UMC Bishops Africa Initiative Breaking With Africa, Wesleyan Covenant Association

Greater Nhiwatiwa, right, wife of Bishop Eben K. Nhiwatiwa, left, explains the history and significance of the Chin’ando Prayer Mountain to bishops attending the College of Bishops of Africa retreat, which was held from 5 to 8 September 2022 at Africa University in Mutare, Zimbabwe. Photo by Eveline Chikwanah/UM News

(RNS) – A group of United Methodist bishops in Africa announced Thursday, September 8, that they will no longer work with the Africa Initiative or the Wesleyan Covenant Association, accusing the groups of spreading false information.

In A declaration published at the end of last week’s meeting of the Colleges of Bishops of Africa at Africa University in Zimbabwe, the bishops said, “We will not tolerate anyone giving false information about The United Methodist Church in our regions”.

The Bishops say the Africa Initiative, which was established in 2008 to give African clergy and laity a stronger voice in the global denomination, has “lost its original purpose of helping The United Methodist Church in Africa.” Instead, according to the statement, the initiative is “working with the Wesleyan Covenant Association to destroy our United Methodist Church.”

They also claim that the Africa Initiative supports the worldwide Methodist Church.

In recent years, The United Methodist Church has discussed plans to split the denomination, largely over differing views on ordination and marriage of LGBTQ members. In 2020, several bishops and leaders of advocacy groups arrived at a proposal that would allow individual churches and regional annual conferences to leave to form new expressions of Methodism, committing $25 million for the establishment of a theologically Methodist denomination. conservative.

With a vote on the proposal at the 2020 meeting of the General Conference, the denomination’s global decision-making body, repeatedly delayed due to the pandemic, some Methodists founded the World Methodist Church earlier this year in as a home for theologically conservative Methodists.

But the World Methodist Church, the African bishops pointed out in their statement, has yet to be recognized by the General Conference.

In the meantime, the statement said, African Bishops “remain committed to the teachings of the Bible and the doctrines of our Christian faith and heritage.” Yet their decision to distance themselves from the groups disrupts an oft-heard narrative that conservative views on the growth of United Methodist conferences in Africa and Asia are a driving force behind the schism.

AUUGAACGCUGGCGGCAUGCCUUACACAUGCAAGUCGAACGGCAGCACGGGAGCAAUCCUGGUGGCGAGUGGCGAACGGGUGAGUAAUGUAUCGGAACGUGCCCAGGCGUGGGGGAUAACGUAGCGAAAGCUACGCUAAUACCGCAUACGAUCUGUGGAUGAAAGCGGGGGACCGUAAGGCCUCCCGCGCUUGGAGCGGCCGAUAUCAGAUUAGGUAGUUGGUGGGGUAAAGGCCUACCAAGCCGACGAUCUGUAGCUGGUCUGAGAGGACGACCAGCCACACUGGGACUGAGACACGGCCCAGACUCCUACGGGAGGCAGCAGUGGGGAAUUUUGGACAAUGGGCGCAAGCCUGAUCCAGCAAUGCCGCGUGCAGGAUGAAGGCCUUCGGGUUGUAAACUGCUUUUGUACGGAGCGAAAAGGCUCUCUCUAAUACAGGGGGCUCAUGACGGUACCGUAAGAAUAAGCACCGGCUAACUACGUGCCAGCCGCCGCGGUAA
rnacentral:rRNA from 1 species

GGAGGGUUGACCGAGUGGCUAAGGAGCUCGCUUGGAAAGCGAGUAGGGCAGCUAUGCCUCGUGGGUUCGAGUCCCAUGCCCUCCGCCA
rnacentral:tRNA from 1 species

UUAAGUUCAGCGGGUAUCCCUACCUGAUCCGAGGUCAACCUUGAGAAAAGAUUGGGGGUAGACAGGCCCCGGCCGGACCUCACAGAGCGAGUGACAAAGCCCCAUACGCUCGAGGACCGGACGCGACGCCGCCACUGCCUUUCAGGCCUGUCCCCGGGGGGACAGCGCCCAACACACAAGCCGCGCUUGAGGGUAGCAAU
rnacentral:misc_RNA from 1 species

The declaration was signed by all but one of the 13 bishops active in Africa on the list United Methodist Church websiteas well as Bishop Nkulu Ntanda Ntambo, retired.

The lone resister was Bishop John Wesley Yohanna of the Episcopal Area of ​​Nigeria, who says United Methodist News, “The Africa Initiative and Wesleyan Covenant (Association) push for obedience to the Bible and the Book of Discipline. Why shouldn’t we associate with them?

On Monday, the Wesleyan Covenant Association, a network of theologically conservative United Methodists, replied on Facebooksaying he was “deeply disappointed, but not surprised, by the statement supposedly coming from all African bishops.”

But the association also asked in its post if all of the bishops listed as signatories supported the statement, as it lists the names of bishops “present” at the meeting and not “bishops who were present and supported the statement.”

“We remain committed to working with theologically conservative Methodists across the African continent to strengthen their testimony of faith and their right to make informed decisions about their future in the church,” the message reads.

The Wesleyan Covenant Association has also shared a long answer signed by 18 members of the Africa Initiative’s executive committee which called the bishops’ statements a “declaration of war”.

The response from the Africa Initiative indicates that the group decided at its last meeting to continue to support the proposal to split the denomination and to encourage African churches to await a vote on this proposal at the next meeting of the Conference. general.

African bishops are not the first to voice concerns about the tactics used by the Wesleyan Covenant Association and other conservative groups to encourage churches to disaffiliate from the denomination.

In his first official address as president of the Council of Bishops of The United Methodist Church last month, Bishop Thomas Bickerton of the New York Annual Conference called these groups to end the negative rhetoric. This includes what Bickerton described as “accusations and statements that are simply not true” made by the Global Methodist Church and the Wesleyan Covenant Association.

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